Making It Look Effortless

I still think this three-year-old post covers a lot of ground, but some recent events brought me back to the topic.

A friend recently held a small LAN party, and we got to talking about some game or movie that was reaching ahead of itself in terms of graphics. “They were good for the time.” No, they were awful for the time, once you got past “ooh, computer graphics” to “wow, those are really blatant computer graphics.” The technology was bleeding edge for the time, but its use was poor; if the acting or the special effects break your immersion such that you notice them as acting or special effects, they are probably bad acting or special effects. Good special effects look like they belong and are part of the world, not like they are special effects. If you want to see why Peter Dinklage won an Emmy this year, watch any episode of Game of Thrones and pick out which characters seem to know they are in a fantasy epic, versus the people who seem to be their characters.

I saw Vanessa Carlton perform this week. (You know her for this song. Can I comment on a world in which Britney Spears has sold 75 million albums while Vanessa Carlton is an opening act in small venues? Buy Heroes and Thieves. Digression over.) She mostly performed songs from her latest album, and it sounds much better live. She kept describing it as an “arts and crafts album” that was self-funded while she was living in The Shire. Performed as such, with just her, her piano, and her friend with a violin, it sounds great, personal and moving. The published album has obviously been worked over in the studio, and the “obviously” is a problem, particularly when the artist does not need it.

See also Powerpoint presentations using multiple animations per slide and/or an avalanche of clip art.

I link these to the hype and expectations post because they are all under the rubric of “obviously trying,” which usually means “failing.” Some people award points for effort, because they were obviously trying for something big. I say that jumping halfway across the Grand Canyon is not something that should be encouraged. If you have enough bricks for a one-story ranch house, do not build the first foot of a mansion, run out, then pat yourself on the back for daring to dream. Portal was a small game but a great game. Torchlight did little but did it very well. Alganon aimed for a modest success and embarrassingly failed at even being worth the time to download, which is a sad update to the original post.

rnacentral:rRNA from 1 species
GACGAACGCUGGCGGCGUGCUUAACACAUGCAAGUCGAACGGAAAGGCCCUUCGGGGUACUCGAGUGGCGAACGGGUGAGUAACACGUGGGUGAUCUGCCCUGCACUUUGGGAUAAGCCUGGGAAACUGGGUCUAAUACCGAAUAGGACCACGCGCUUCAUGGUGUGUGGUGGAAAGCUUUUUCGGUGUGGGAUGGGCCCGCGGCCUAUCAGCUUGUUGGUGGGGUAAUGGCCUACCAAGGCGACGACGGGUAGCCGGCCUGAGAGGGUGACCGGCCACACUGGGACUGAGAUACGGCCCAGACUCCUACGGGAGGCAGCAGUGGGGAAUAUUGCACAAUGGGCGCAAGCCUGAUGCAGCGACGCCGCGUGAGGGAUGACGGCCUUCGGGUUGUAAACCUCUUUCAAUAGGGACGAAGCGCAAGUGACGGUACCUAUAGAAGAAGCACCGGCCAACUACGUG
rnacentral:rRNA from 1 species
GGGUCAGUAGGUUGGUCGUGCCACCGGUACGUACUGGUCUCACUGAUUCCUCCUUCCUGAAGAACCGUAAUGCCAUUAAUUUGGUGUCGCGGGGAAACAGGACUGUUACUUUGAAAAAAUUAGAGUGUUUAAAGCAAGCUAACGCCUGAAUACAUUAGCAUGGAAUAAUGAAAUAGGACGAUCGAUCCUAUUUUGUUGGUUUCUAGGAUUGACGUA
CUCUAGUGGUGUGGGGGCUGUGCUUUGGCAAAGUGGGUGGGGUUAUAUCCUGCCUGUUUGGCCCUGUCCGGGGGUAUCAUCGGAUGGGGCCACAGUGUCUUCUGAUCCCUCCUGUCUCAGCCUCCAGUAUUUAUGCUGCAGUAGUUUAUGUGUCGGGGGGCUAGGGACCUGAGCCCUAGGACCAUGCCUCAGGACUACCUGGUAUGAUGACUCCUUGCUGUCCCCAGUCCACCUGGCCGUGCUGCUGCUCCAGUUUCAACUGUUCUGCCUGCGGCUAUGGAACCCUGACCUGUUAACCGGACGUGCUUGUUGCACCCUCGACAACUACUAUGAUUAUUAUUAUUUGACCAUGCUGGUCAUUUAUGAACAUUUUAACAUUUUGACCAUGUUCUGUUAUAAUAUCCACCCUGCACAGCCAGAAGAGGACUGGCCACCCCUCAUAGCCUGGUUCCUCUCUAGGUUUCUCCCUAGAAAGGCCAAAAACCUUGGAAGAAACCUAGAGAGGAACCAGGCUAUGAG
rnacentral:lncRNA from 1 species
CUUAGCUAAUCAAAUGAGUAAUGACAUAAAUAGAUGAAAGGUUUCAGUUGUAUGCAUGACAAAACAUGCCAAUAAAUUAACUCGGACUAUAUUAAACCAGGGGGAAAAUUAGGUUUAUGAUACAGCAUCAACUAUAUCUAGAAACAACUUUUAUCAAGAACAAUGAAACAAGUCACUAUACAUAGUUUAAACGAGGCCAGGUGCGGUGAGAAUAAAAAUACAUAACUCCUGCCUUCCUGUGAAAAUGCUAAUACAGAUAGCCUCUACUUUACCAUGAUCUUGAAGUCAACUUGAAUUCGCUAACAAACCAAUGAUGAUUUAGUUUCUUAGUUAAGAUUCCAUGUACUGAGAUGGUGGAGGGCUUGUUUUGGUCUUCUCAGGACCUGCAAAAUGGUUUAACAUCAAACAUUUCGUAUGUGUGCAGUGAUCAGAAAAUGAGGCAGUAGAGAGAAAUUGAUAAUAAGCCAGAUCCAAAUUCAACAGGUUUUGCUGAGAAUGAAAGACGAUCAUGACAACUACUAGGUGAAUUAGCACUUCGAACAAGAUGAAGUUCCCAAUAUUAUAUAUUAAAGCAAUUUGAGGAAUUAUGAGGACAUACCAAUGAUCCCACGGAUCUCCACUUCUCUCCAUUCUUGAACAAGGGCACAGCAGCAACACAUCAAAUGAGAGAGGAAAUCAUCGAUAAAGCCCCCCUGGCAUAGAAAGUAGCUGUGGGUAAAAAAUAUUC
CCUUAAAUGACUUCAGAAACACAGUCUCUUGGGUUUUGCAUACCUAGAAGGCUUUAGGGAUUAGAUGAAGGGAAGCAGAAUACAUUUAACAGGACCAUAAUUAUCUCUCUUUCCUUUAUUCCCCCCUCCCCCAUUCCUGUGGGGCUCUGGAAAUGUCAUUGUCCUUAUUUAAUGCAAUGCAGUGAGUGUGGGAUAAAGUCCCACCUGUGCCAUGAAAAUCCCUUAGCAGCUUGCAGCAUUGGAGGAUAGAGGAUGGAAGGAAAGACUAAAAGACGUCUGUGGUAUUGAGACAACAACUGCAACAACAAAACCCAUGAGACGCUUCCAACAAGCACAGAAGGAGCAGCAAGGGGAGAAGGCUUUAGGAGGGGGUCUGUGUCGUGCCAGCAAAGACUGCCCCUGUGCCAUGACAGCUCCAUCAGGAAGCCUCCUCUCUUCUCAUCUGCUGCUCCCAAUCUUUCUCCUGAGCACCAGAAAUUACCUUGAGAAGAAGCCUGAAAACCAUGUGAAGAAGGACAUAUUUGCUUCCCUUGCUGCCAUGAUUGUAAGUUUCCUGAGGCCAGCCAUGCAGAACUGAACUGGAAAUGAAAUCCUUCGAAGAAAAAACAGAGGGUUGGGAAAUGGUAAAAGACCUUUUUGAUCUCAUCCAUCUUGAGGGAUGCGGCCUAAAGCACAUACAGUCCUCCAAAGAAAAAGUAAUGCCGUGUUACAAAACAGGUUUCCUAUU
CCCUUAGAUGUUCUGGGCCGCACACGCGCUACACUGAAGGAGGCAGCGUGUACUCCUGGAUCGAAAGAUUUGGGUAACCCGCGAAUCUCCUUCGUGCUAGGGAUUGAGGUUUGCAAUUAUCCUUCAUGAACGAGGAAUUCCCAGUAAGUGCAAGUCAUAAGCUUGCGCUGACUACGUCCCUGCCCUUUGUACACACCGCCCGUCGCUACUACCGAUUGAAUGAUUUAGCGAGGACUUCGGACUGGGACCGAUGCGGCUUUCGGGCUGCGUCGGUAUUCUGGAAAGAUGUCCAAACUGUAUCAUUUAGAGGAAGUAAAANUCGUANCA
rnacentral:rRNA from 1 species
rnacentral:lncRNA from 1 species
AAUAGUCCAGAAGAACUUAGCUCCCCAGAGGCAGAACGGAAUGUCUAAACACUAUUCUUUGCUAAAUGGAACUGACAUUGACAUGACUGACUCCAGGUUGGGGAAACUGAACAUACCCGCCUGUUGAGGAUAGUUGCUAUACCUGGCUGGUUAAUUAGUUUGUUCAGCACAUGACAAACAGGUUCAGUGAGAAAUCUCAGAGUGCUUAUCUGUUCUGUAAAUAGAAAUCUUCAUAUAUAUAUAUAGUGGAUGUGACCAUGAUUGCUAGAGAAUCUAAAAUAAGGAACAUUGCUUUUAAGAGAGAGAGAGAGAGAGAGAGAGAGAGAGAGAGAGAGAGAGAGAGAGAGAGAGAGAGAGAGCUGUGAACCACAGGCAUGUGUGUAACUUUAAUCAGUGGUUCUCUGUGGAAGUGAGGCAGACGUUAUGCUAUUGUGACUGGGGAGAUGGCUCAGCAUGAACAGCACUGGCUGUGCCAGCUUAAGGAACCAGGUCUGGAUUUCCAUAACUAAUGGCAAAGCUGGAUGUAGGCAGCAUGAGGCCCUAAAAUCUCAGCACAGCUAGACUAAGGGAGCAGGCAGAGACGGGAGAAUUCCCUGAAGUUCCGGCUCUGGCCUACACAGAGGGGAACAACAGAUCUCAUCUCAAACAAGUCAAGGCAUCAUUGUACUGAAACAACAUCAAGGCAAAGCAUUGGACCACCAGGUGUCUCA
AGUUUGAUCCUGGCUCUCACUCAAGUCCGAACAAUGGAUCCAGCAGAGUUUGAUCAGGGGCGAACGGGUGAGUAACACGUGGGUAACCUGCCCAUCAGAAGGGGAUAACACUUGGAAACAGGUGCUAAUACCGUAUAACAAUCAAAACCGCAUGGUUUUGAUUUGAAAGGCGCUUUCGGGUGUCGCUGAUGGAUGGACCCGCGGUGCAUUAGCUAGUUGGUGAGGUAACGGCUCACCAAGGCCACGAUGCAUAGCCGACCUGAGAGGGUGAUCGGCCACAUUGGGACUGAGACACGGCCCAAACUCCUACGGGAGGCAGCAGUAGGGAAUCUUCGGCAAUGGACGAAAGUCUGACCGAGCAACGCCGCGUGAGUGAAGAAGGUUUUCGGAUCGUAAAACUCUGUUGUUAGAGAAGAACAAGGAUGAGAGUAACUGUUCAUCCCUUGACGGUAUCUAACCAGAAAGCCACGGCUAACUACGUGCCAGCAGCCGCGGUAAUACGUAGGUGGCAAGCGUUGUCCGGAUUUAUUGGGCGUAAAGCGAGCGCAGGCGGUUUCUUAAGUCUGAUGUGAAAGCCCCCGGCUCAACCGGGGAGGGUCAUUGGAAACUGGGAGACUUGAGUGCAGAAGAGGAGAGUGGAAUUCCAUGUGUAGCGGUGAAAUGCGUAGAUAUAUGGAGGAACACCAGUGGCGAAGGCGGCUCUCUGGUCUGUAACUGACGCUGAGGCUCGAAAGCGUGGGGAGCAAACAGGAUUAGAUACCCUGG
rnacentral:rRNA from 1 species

Do dare to dream, but in the end your accomplishments weigh more than your aspirations.

: Zubon

While writing this, I discovered that Peter Dinklage and Summer Glau will be in Knights of Badassdom next year. I may already be sold.

6 thoughts on “Making It Look Effortless”

  1. Never wholly bought into the “if you notice it, it’s overdone” theory. Although I do love understatement and minimalism, it’s actually the very noticeable absence of something you’d expect to be getting that gives those approaches their power.